Last known location: London, England

Archive of posts about Argentina


Mountains and Malbec

Our next stop was Mendoza; in the shadow of the Andes and right in the middle of Argentine wine country. After another day on the bus we arrived as the sun was setting over the mountains and checked into a decent hostel. We had yet another steak dinner (or I did at least!) and sampled the first of many bottles of the local wine – at less than £3 a bottle in a restaurant it was too good to turn down!

The followed day we took our time exploring the city, which is made up of wide avenues and green squares, all rebuilt after an earthquake in the 1860’s. Apparently the avenues were so that rubble didn’t fall on anyone next time there was a quake, and the squares were for people to evacuate in to – optimistic planning!

Our hostel had a roof terrace with a large Argentine barbeque, so I thought it was about time I tried to whip up an Asado myself. The traditional Asado begins with wood rather than charcoal, and takes some time to get going – starting at nearly 9pm wasn’t universally popular! However, we did eventually eat some sausages, chicken and steak. No-one was killed so I’d rate that as a success! Click here to read more…


Choripan and Cocktails

The 20 hour bus ride to Cordoba was, predictably, horrific, and took about 22 hours.  Dan got hardly any sleep, and must have looked so uncomfortable that the assistant driver took pity on him at 4 in the morning and upgraded him to business class, on the lower deck!  Fortunately he did manage to get a couple of hours of shut eye in the superior seats.  Poor old me was left in cattle class, but I’d already out slept him so can’t complain!

Once we’d finally made it to Cordoba all we wanted to do was have a shower and stretch our legs a bit. We hoped our digs, at the Pomelo Hostel, would at least let us shower even if it was too early to get our room. We got a taxi from the bus terminal and rang the doorbell to be let in. No answer. We tried again but still nothing. Deciding that maybe they weren’t expecting us that early we went to a cafe down the road and had a coffee before returning at 10ish to try again. Still nothing. I was tired, so got a bit annoyed and shouted up “Hola!” in the hope this would catch someone’s attention. We even tried calling the phone number. Very frustrating because we could hear the phone ringing inside the building but no one was picking up! We were a bit worried the hostel had closed or something. Click here to read more…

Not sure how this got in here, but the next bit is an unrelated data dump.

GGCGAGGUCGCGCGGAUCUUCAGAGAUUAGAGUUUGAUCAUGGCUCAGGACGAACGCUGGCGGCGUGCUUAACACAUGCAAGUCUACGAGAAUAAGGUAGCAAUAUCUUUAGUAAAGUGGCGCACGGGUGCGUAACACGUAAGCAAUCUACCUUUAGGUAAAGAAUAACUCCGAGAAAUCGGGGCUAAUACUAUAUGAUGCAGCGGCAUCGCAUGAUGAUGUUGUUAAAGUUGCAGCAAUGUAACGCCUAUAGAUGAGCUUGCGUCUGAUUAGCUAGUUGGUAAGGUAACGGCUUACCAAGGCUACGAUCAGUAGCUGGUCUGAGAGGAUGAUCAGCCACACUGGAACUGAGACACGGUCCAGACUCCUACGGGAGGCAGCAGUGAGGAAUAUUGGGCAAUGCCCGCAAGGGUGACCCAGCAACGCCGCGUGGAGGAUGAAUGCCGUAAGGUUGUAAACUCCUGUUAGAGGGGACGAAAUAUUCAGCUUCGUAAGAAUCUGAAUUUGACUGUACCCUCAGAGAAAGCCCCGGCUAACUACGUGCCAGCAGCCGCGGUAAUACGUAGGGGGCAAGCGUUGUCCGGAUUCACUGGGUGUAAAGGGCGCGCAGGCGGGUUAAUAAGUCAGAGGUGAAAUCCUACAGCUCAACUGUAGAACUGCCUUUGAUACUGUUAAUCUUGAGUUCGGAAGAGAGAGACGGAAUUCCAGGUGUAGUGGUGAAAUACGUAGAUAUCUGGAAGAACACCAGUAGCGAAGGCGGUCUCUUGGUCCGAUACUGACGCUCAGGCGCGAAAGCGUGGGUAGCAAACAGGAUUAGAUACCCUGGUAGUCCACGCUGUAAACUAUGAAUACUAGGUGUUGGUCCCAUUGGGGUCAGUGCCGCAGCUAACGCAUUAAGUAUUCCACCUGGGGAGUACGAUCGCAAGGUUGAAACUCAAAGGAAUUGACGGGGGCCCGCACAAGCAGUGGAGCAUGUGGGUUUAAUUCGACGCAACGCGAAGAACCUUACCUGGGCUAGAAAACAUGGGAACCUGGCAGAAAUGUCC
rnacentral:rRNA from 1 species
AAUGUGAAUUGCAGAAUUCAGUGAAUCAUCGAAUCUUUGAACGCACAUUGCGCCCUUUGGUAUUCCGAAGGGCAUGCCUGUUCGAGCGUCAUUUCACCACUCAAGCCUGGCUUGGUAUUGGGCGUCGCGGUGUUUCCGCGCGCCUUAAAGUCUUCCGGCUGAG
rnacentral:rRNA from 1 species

Iguazu Interlude

The main reason most people come to Puerto Iguazu is to see the world famous Iguazu Iguazu Falls, Argentina (28)[3]Falls. We’d heard amazing things about the park and felt we couldn’t come to this part of the world without visiting. Because of all the tourists you’d expect Puerto Iguazu to be a really busy town but it’s actually quite a sleepy place. There are lots of backpackers, but most are there for just a day or two before moving on. We walked around town to find somewhere to stay and ended up at Hostel Sweet Hostel, a nice enough place with a pool and a bar area. Pretty cheap, too, compared to some places. Click here to read more…


Goals and Gauchos

D: From Singapore we embarked on a mammoth plane journey, across 11 time zones and over 12,000 miles to reach South America. The first leg was seven hours to Doha, and we managed to get a few hours sleep. After a three hour break looking round the huge duty free shop in the Qatar capital, the next leg was a sixteen hour slog to Sao Paulo. We had our second breakfast of the day and whiled away the hours watching films and playing games in between relatively unsuccessful attempts to sleep! After the stop in Sao Paulo, where we were confined to the plane, it was just over two hours further to Argentina. We finally arrived in Buenos Aires at 9.30pm, after 28 hours of travelling! Click here to read more…